a little history
i was given the huge opportunity in 2001 to be the Executive Director of Santropol Roulant, an extraordinary non-profit based in Montreal in which food is the central means of nourishing and cultivating a conscious, innovative, sustainable and engaged inter-generational community.  

during this time, i found myself at once exhausted and exhilarated by the work and began to ask how i could sustain my own energy, as well as how we could sustain that of the organization's over the long term. we were seen as very innovative in how we engaged young people in community as volunteers and through employement skills, built intergenerational relationships through food initiatives, and offered social services with a vision for social change.  there was a lot of interest in "scaling up" our work and the impact of such a high energy innovative place. however, our greatest innovation was not in how great our programs were, but rather in cultivating the conditions for such innovations to be born, and sustained. 

this is a different kind of work.  it is cultivating rich soil so that over the long term, there is a healthy and resilient eco-system that feeds and inspires diverse wildlife and weathers internal and external storms...  what i mean by that is that we shifted the focus on what the core of the work really is - it's not only what we produce but where it comes from, not just what we do but how we do it.  that our innovation was our culture and it is not our work to "replicate" culture, but to lead by example and become an "attractor".

we realized the sustainability of innovations comes from intentionally creating and nourishing an internal culture of collective learning, leadership, engagement and reflection. this process and these practices deepened how we worked, related, evaluated and evolved, and how we raised money and created programs and partnerships. significantly, it changed how we talked to our funders and community about who we are and what we really need in order to sustain vitality, nurture cultures of care and innovation, and move with courage through the natural cycles of life.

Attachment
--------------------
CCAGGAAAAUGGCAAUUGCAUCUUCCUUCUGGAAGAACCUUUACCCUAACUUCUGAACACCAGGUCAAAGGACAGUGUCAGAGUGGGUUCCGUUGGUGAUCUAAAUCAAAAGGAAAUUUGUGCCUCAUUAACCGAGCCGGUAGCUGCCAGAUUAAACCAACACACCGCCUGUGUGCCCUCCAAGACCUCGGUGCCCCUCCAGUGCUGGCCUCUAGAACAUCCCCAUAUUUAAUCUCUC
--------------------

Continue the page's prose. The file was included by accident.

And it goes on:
personal journey
my 5 years there were an immersion in the complexity and lifecycles of "nourishment" - for ourselves, and others, and to our larger systems, through both service & social action and through tending the needs of our individual and collective inner lives to be able to respond with depth, perseverance and creativity to the realities and potential of the external.

it inspired my own very personal journey which i called my Freedom 35 - a time of of journeying inward and outward and being in the living experiment of what the yoga of sustainability meant to me. by this, i meant how i could sustain the light of my inner landscape, and how this connected to and aligned with my outer actions. i traveled all over India, South East Asia and Mexico not as a "social change agent" or an "executive director", but as a seeker, a yoga practitioner, diving into vegan raw foods, local and international gastronomie and the different spiritual and healing practices offered in each place.  at a deeper level, i was in the question who am i when i am not defined by an external title or role?  

naked, i encountered many of my own shadows, and only once i began to love and accept them, was able to integrate them into my story.  my body spoke to me very strongly; i learned to listen to my intuition, wisdom and soul in new ways.  it was a journey of finding those fragments of my self and identity that i'd not known or wanted, and seeing a new wholeness in myself emerge.

practicing collectively 
as i traveled, i began to weave these levels together, by practicing collectively with others.

along the way, i met many mates who were also in similar inquiries and we began to experiment and share together.  many of us met through the Berkana Exchange, a translocal network of organizations and communities practicing many different forms of sustainability - from ecological, organizational, spiritual to systemic.  the conscious kitchen emerged as a practice that i could do with others, regardless of where we were or what our "work" was.  it really landed at and evolved at Axladitsa, whom i met through Berkana. it is an organic olive farm and learning centre in Greece that keeps calling me back every year to collectively evolve these and other practicess  it's become part of how they live and work, and their practice of Living Wholeness....

because it's simply a part of who i am, i've brought the Conscious Kitchen everywhere i've been - India, Mexico, Zimbabwe, Canada, Thailand, Malaysia, Greece, and now the Middle East - seeding new conversations and delicious food and a hard-to-describe sense of connection with the place and people ...

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